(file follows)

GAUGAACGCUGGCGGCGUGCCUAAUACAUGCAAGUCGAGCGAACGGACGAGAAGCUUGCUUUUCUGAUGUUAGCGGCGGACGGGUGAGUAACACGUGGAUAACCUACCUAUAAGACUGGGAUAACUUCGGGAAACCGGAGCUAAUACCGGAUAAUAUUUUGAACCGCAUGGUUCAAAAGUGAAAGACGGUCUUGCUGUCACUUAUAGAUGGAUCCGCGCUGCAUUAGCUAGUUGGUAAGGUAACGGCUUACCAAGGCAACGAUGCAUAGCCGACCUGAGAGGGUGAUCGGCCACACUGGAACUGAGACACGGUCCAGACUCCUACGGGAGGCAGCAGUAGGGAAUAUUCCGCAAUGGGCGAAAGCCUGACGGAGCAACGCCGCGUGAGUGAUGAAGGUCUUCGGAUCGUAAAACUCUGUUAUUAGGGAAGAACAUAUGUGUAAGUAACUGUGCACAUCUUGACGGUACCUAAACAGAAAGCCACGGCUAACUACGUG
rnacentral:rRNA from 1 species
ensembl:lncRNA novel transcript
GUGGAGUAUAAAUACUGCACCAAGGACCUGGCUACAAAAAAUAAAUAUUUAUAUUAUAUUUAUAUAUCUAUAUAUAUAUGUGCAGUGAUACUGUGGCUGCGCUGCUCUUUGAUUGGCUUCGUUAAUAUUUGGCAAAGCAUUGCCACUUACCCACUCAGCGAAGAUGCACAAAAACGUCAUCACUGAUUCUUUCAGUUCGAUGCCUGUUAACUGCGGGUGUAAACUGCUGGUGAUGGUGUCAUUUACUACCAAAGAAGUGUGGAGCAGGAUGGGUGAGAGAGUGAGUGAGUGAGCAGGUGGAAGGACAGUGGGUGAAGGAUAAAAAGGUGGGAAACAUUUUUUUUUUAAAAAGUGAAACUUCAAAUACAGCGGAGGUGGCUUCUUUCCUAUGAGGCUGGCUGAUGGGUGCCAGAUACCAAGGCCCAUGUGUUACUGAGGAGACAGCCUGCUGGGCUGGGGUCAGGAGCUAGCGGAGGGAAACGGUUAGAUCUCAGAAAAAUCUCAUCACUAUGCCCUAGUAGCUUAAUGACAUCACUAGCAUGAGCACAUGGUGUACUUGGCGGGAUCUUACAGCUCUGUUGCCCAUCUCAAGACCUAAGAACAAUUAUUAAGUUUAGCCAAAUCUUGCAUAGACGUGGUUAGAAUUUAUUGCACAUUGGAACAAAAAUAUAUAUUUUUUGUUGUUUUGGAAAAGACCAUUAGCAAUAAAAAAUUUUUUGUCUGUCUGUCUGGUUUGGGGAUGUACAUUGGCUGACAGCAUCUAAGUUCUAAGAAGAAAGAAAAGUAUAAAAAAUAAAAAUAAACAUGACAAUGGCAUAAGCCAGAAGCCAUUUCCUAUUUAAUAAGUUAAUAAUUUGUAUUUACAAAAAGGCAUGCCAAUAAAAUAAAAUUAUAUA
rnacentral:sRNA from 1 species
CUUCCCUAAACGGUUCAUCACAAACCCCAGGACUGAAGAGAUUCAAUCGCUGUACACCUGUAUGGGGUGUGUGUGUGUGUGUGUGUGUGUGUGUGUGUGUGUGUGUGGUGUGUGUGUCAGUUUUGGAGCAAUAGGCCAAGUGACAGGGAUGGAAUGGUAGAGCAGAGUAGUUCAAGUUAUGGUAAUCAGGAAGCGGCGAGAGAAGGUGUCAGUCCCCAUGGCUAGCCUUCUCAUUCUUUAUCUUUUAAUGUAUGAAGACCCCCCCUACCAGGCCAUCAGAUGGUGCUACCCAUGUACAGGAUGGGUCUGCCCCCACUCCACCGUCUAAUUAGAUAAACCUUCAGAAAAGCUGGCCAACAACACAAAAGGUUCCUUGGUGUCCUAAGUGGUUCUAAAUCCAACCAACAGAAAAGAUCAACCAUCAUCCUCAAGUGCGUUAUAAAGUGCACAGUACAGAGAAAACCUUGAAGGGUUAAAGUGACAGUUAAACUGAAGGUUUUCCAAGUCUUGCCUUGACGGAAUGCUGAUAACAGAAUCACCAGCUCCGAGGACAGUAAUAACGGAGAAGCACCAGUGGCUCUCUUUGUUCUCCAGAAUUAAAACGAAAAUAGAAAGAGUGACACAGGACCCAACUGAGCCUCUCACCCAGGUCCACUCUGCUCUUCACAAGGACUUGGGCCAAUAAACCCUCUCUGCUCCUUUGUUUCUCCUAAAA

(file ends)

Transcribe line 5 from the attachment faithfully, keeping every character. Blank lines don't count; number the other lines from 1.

rnacentral:sRNA from 1 species